Pasechnik told Russian state media outlet TASS on Tuesday that his forces were aiming "to preserve the city infrastructure first and foremost."
That may have been the goal, but sources on the frontlines describe the situation very differently. "Almost 100 percent of the city's critical infrastructure has been destroyed, 90 percent of the housing stock has been damaged, 60 percent of which critically, i.e. it cannot be restored," Haidai wrote on Telegram, denouncing the Russian attackers as "uncultured orcs."
The two sides also swapped blame over who was responsible for blowing up a nitric acid tank at Sievierodonetsk's Azot chemical plant. According to The Washington Post, Haidai accused the Russians of "exposing residents to toxic fumes," while the LPR military claimed Ukrainian forces destroyed the storage tank in order to obstruct Russia's advance.
Quentin Sommerville of BBC described watching "from a rooftop in Lysychansk as, on the horizon, its twin city of Sievierodonetsk was being bombed indiscriminately. Shells were landing every minute on its length and breath. Sievierodonetsk was burning." Haidai estimated that around 1,500 civilians, including more than 50 children, had been killed.
Russian forces are reportedly relying heavily on their artillery advantage, launching heavy barrages ahead of any ground advance. "There's a lot of artillery. Bombardments are like a nightmare, we shoot one round, they shoot 10," a Ukrainian soldier named Vladimir told Sommerville. Matthew Schmidt, an associate professor of national security and political science at the University of New Haven, told the Post Russian forces were "bludgeoning their way through" Sievierodonetsk with artillery.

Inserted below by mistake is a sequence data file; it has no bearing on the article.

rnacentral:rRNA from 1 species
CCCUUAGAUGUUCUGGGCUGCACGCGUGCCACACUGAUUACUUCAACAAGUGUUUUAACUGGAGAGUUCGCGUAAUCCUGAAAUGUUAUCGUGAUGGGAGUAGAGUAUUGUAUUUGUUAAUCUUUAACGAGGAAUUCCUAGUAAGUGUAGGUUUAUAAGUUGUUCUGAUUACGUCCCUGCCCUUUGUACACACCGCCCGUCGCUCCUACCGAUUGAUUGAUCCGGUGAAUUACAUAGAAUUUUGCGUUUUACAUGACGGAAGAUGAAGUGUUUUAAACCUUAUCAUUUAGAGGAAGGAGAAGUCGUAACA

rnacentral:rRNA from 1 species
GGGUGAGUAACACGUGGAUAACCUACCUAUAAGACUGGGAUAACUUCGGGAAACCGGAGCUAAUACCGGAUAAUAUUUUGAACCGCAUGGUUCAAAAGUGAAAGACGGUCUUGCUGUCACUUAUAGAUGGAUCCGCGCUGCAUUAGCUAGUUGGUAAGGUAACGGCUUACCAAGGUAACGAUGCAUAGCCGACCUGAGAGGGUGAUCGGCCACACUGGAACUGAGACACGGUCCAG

The shelling got so bad that, as Russia began its assault, Haidai told the 13,000 civilians still trapped in the city to shelter in place. Safe evacuation was impossible. Ukrainian troops even gave up on trying to assess their losses. Both Vladimir and Haidai issued pleas for more Western artillery to close the gap.
The U.S. is sending advanced medium-range rocket systems to Ukraine as part of its latest military aid package, but they might not reach the front in time to make a difference.
The big picture
On Saturday, the U.S.-based Institute for the Study of War described the Battle of Sievierodonetsk as indicative of just how much Russia has lowered its ambitions since the invasion began on Feb. 24. Far from seizing the capital and toppling the government, Russia is now engaged in a "desperate and bloody offensive to capture a single city in the east while defending important but limited gains in the south and east," the think tank assessed.
On Tuesday, the ISW suggested that Ukraine has decided to allow Sievierodonetsk to fall, a decision that is "strategically sound, however painful." By refusing to match Russian President Vladimir Putin's "mistaken prioritization" and desire for "largely symbolic gains," Ukraine can conserve its forces to launch counterattacks where they're needed most, the ISW assessed.